On Tuesday 28 March 2023, Dan Stone, Professor of Modern History and Director of the Holocaust Research Institute (Royal Holloway, University of London) joined us to discuss his new book The Holocaust: An Unfinished History with Jens Meierhenrich, Professor of International Relations at LSE. The event focussed on the importance of understanding the true history of the Holocaust in our world today.
L to R: Jens Meierhenrich (Chair), Dan Stone
Stone began the talk by emphasising that “all history is contemporary history” and “the questions we ask are shaped by the age in which we live”, stating that the Holocaust was not a one-time event, but an ongoing historical process whose effects are still prevalent.
Professor Meierhenrich questioned Professor Stone on his statement, “unlearning the holocaust is no less important than learning about it” and its significance for this generation. Stone answered this question by positing that “historiography is out of kilter.” He detailed that the majority of us believe that the Holocaust is a story that solely concerned Germans and Jews because of the fame of stories such as Anne Frank’s, however, the reality is very different.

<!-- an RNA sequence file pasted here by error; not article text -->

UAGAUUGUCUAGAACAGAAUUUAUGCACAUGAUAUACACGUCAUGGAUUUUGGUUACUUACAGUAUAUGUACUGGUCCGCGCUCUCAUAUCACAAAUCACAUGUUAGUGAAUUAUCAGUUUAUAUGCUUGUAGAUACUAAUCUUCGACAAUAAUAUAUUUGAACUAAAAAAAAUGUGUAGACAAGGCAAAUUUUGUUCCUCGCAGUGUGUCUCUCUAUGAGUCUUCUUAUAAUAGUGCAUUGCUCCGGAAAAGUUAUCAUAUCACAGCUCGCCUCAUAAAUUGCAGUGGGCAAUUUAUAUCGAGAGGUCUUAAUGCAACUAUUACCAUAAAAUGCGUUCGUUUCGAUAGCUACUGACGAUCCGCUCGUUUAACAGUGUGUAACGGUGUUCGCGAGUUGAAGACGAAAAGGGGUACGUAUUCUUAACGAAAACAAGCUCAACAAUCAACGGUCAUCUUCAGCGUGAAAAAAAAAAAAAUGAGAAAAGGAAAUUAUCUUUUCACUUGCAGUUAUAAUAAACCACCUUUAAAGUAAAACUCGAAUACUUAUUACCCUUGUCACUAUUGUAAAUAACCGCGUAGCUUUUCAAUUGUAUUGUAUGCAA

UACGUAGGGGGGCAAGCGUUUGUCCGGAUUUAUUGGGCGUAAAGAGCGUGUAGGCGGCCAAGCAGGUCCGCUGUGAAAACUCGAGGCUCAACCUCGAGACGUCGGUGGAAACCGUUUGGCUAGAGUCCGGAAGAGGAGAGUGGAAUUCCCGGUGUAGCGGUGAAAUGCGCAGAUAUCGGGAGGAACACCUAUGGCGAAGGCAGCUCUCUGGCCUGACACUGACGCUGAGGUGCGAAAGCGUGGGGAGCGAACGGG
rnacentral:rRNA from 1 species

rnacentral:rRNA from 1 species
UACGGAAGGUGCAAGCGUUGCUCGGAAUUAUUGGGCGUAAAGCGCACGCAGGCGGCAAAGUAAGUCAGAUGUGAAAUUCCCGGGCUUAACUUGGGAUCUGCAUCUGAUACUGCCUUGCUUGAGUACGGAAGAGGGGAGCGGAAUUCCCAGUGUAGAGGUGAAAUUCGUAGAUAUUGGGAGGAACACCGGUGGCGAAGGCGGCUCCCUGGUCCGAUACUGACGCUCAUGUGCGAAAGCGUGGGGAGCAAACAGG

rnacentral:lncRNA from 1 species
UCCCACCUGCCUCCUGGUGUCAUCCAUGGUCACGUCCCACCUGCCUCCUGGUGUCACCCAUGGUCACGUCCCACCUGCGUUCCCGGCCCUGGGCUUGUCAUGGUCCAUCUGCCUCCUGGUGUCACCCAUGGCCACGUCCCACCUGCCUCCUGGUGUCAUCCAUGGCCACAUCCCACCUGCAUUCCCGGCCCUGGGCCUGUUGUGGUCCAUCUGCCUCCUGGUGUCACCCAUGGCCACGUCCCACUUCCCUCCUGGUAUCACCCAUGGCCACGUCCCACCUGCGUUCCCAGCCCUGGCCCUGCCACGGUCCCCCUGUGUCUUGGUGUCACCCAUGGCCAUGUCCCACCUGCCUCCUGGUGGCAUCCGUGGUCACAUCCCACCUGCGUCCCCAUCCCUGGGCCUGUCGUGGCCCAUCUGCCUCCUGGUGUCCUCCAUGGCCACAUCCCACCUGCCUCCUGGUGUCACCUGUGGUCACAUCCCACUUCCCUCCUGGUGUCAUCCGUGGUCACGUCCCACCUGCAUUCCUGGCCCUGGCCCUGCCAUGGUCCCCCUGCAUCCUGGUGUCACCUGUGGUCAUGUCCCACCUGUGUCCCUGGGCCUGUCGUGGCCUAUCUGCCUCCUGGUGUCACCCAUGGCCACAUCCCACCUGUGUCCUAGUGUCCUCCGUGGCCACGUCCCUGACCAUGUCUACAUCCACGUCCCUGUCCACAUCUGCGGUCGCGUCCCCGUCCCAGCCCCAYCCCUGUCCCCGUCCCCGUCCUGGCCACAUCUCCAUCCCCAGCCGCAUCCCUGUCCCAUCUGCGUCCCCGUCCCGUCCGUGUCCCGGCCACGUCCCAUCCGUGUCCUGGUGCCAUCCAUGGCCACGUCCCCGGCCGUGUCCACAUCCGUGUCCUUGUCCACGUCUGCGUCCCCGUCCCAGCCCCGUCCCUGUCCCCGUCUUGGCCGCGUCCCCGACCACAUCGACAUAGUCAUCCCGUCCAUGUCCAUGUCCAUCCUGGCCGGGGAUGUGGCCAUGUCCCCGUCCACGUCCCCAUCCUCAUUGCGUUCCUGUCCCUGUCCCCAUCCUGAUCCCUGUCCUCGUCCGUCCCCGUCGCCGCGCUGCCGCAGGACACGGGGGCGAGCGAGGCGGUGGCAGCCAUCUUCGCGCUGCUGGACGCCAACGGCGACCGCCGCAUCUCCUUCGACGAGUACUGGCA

Unlearning the holocaust is no less important than learning about it.
As a spectator to the conversation, the argument made here was persuasive in its emphasis on “getting things straight”. There exists myth-making that pervades the superficial ways and narratives under which we discuss the Holocaust. Audience questions on Professor Stone’s writing process brought about a discussion regarding his experience in wanting to pull out a more complicated narrative than the one that we have become used to. One that stresses collaboration across Europe, and an understanding of the Holocaust as a global event, but does not lose sight of the Nazis as Germans and main perpetrators. A narrative that asks us to think about the neglected aspects of the Holocaust.
Professor Stone’s discussion with Professor Meierhenrich gave rise to a stimulating conversation on the importance of a holistic interpretation of the Holocaust and other genocides. By rethinking the endings and beginnings of genocides, we can have a more comprehensive understanding of the ramification of these events and how to address them in the future.
Event report by Rhea Shrivastava, BSc International Relations